The Food and Drug Administration has approved a breast cancer treatment: Kadcyla (kad-SY’-luh) is designed to target only the tumor cells, while leaving healthy cells intact.
Kadcyla, from Roche, is a combination of the drug Herceptin, a powerful chemotherapy drug, as well as a third chemical that links the two treatments together and keep everything intact until it can bind to the cancer cell.
Researchers say that Kadcyla may be superior to its predecessors because it delivers more potent treatment – with less side effects.
The FDA approved the new treatment for about 20 percent of breast cancer patients with a form of the disease that is typically more aggressive and less responsive to hormone therapy. These patients have tumors that overproduce a protein known as HER-2.
Kadcyla will cost $9,800 per month, compared to $4,500 per month for rHerceptin. The company estimates a full course of Kadcyla, about nine months of medicine, will cost $94,000.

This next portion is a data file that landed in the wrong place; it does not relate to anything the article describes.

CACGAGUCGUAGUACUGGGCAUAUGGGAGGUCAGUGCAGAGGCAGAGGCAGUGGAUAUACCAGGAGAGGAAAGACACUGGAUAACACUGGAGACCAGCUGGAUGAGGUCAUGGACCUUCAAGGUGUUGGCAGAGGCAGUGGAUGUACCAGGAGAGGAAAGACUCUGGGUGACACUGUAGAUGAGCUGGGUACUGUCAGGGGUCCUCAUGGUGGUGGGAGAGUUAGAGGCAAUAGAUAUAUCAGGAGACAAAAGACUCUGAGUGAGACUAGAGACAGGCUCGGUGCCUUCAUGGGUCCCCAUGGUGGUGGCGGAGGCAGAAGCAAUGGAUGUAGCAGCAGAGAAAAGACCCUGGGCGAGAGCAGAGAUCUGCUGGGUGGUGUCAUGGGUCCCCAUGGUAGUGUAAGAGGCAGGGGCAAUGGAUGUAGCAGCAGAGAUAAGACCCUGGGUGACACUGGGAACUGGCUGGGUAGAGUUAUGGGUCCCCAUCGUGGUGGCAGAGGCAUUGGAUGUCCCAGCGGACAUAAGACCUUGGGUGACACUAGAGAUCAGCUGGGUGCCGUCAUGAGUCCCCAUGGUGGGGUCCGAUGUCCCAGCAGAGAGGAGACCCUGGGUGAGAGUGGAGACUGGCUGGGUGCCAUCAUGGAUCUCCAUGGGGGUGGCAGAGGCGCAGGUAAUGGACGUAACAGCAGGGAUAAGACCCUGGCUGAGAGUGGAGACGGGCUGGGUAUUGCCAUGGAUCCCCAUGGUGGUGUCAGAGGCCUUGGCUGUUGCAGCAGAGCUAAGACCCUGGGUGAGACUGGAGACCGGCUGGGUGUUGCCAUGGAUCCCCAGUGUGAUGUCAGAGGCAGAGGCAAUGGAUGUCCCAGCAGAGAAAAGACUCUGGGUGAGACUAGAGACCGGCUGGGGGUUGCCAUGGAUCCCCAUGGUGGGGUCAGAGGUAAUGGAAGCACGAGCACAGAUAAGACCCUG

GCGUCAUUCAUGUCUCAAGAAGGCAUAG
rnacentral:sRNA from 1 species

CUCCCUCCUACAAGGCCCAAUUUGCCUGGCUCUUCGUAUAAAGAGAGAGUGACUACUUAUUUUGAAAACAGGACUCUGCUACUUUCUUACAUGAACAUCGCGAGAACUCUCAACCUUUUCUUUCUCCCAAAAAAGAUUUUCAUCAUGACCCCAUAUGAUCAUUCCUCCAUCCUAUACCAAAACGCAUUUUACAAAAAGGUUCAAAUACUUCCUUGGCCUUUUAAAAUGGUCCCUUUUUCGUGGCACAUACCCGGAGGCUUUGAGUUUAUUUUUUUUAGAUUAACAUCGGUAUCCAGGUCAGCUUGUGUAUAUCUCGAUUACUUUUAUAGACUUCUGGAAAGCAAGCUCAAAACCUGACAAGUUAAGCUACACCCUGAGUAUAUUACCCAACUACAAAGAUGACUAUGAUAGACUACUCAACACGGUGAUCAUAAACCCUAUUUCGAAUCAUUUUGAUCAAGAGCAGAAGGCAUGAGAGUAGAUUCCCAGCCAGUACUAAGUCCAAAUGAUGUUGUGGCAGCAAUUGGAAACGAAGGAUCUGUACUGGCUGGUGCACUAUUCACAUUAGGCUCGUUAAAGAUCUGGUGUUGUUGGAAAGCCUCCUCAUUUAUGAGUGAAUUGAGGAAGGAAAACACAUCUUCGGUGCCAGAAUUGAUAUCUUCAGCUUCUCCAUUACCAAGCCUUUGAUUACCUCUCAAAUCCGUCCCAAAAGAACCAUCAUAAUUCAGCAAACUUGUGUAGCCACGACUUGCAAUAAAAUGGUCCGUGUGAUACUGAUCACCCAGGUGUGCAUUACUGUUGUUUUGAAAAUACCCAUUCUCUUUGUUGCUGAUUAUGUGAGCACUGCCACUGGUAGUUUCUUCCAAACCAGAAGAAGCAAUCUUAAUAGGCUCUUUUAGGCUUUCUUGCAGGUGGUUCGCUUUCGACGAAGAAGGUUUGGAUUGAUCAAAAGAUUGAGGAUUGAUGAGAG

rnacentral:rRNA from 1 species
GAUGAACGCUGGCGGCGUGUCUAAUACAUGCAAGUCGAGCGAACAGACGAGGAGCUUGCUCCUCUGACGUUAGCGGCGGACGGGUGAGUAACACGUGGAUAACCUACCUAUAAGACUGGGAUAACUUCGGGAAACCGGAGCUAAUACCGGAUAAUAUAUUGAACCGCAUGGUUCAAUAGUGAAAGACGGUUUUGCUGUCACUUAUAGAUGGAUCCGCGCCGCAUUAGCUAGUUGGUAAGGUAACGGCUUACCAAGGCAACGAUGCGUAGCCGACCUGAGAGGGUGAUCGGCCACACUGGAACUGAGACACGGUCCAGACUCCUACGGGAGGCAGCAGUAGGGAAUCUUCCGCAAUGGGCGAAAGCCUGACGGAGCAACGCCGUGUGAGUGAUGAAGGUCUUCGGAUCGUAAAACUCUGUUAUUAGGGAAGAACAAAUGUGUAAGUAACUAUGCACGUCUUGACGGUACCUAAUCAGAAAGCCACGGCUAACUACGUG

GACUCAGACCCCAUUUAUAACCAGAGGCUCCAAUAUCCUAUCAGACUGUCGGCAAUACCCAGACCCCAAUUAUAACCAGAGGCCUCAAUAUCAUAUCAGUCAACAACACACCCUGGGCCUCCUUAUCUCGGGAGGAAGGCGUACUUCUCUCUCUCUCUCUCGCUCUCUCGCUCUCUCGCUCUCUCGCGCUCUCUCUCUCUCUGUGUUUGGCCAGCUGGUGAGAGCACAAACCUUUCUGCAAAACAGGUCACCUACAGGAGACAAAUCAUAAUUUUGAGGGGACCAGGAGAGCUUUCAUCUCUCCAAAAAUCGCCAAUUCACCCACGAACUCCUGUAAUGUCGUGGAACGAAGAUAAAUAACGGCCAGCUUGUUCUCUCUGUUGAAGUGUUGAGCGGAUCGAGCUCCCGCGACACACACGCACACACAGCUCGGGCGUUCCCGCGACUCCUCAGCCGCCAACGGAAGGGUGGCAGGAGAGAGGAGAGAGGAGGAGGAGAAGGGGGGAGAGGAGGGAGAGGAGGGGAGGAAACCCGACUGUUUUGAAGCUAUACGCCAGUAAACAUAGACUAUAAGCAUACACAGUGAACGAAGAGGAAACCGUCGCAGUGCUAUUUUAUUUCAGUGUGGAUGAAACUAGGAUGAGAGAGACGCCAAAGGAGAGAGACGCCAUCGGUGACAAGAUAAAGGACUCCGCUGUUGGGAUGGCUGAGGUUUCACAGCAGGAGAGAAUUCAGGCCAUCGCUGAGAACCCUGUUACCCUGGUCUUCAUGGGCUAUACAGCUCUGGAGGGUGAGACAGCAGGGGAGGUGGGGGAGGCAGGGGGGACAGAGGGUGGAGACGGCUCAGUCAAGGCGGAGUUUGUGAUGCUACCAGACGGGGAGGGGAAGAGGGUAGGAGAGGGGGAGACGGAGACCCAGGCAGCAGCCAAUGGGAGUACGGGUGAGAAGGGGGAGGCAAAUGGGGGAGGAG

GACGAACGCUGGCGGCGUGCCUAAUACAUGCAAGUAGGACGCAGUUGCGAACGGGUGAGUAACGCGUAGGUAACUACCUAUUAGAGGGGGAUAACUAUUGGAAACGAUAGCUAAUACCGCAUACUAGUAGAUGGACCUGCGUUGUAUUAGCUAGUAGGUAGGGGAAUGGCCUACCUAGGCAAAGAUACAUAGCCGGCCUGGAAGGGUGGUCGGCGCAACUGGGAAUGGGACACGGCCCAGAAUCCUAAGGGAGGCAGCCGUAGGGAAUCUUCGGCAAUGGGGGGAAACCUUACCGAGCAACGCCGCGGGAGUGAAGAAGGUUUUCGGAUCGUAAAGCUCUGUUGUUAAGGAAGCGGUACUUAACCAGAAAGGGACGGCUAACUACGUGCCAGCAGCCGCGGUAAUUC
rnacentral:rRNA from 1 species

FDA scientists said they approved the drug based on company studies showing Kadcyla delayed the progression of breast cancer by several months. Researchers reported last year that patients treated with the drug lived 9.6 months before death or the spread of their disease, compared with a little more than six months for patients treated with two other standard drugs, Tykerb and Xeloda.
FDA specifically approved the drug for patients with advanced breast cancer who have already been treated with Herceptin and taxane, a widely used chemotherapy drug.
Kadcyla will carry a boxed warning, the most severe type, alerting doctors and patients that the drug can cause liver toxicity, heart problems and potentially death. The drug can also cause severe birth defects and should not be used by pregnant women.